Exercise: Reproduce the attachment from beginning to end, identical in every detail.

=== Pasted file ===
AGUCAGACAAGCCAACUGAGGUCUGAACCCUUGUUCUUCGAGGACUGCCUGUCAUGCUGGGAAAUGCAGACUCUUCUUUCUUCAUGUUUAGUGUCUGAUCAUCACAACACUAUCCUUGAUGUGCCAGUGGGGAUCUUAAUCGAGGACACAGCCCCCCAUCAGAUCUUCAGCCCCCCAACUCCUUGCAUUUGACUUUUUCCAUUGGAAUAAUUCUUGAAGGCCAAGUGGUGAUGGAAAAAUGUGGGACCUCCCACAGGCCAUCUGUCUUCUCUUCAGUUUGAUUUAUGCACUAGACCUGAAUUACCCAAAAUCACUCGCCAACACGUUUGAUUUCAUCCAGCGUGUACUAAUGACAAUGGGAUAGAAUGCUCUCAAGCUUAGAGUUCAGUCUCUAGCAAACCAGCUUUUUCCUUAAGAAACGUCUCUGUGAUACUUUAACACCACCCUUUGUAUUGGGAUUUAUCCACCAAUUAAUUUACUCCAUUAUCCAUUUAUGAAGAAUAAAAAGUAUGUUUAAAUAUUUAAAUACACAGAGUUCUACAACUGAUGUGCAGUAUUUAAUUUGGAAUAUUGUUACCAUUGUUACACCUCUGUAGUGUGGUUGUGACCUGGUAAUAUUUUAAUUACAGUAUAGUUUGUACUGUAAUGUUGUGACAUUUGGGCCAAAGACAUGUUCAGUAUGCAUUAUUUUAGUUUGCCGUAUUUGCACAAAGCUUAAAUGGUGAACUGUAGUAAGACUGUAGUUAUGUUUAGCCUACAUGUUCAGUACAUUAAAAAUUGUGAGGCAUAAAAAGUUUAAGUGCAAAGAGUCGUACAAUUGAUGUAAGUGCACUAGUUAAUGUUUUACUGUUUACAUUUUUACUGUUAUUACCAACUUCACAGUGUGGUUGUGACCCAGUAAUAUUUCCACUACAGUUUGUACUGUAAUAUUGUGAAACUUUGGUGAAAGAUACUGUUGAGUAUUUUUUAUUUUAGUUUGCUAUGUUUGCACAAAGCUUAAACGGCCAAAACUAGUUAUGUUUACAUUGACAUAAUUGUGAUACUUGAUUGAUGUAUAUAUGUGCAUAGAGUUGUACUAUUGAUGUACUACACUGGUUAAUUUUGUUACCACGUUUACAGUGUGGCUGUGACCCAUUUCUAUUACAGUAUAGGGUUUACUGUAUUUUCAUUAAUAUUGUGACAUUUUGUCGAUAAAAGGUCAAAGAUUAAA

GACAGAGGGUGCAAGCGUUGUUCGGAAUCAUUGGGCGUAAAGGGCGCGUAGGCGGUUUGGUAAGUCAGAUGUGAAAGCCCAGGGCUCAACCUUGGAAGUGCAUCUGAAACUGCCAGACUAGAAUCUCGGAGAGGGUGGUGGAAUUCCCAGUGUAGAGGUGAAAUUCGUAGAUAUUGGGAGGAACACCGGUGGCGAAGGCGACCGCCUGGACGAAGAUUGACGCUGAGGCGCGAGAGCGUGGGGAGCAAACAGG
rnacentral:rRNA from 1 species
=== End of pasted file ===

AGUCAGACAAGCCAACUGAGGUCUGAACCCUUGUUCUUCGAGGACUGCCUGUCAUGCUGGGAAAUGCAGACUCUUCUUUCUUCAUGUUUAGUGUCUGAUCAUCACAACACUAUCCUUGAUGUGCCAGUGGGGAUCUUAAUCGAGGACACAGCCCCCCAUCAGAUCUUCAGCCCCCCAACUCCUUGCAUUUGACUUUUUCCAUUGGAAUAAUUCUUGAAGGCCAAGUGGUGAUGGAAAAAUGUGGGACCUCCCACAGGCCAUCUGUCUUCUCUUCAGUUUGAUUUAUGCACUAGACCUGAAUUACCCAAAAUCACUCGCCAACACGUUUGAUUUCAUCCAGCGUGUACUAAUGACAAUGGGAUAGAAUGCUCUCAAGCUUAGAGUUCAGUCUCUAGCAAACCAGCUUUUUCCUUAAGAAACGUCUCUGUGAUACUUUAACACCACCCUUUGUAUUGGGAUUUAUCCACCAAUUAAUUUACUCCAUUAUCCAUUUAUGAAGAAUAAAAAGUAUGUUUAAAUAUUUAAAUACACAGAGUUCUACAACUGAUGUGCAGUAUUUAAUUUGGAAUAUUGUUACCAUUGUUACACCUCUGUAGUGUGGUUGUGACCUGGUAAUAUUUUAAUUACAGUAUAGUUUGUACUGUAAUGUUGUGACAUUUGGGCCAAAGACAUGUUCAGUAUGCAUUAUUUUAGUUUGCCGUAUUUGCACAAAGCUUAAAUGGUGAACUGUAGUAAGACUGUAGUUAUGUUUAGCCUACAUGUUCAGUACAUUAAAAAUUGUGAGGCAUAAAAAGUUUAAGUGCAAAGAGUCGUACAAUUGAUGUAAGUGCACUAGUUAAUGUUUUACUGUUUACAUUUUUACUGUUAUUACCAACUUCACAGUGUGGUUGUGACCCAGUAAUAUUUCCACUACAGUUUGUACUGUAAUAUUGUGAAACUUUGGUGAAAGAUACUGUUGAGUAUUUUUUAUUUUAGUUUGCUAUGUUUGCACAAAGCUUAAACGGCCAAAACUAGUUAUGUUUACAUUGACAUAAUUGUGAUACUUGAUUGAUGUAUAUAUGUGCAUAGAGUUGUACUAUUGAUGUACUACACUGGUUAAUUUUGUUACCACGUUUACAGUGUGGCUGUGACCCAUUUCUAUUACAGUAUAGGGUUUACUGUAUUUUCAUUAAUAUUGUGACAUUUUGUCGAUAAAAGGUCAAAGAUUAAA

GACAGAGGGUGCAAGCGUUGUUCGGAAUCAUUGGGCGUAAAGGGCGCGUAGGCGGUUUGGUAAGUCAGAUGUGAAAGCCCAGGGCUCAACCUUGGAAGUGCAUCUGAAACUGCCAGACUAGAAUCUCGGAGAGGGUGGUGGAAUUCCCAGUGUAGAGGUGAAAUUCGUAGAUAUUGGGAGGAACACCGGUGGCGAAGGCGACCGCCUGGACGAAGAUUGACGCUGAGGCGCGAGAGCGUGGGGAGCAAACAGG
rnacentral:rRNA from 1 species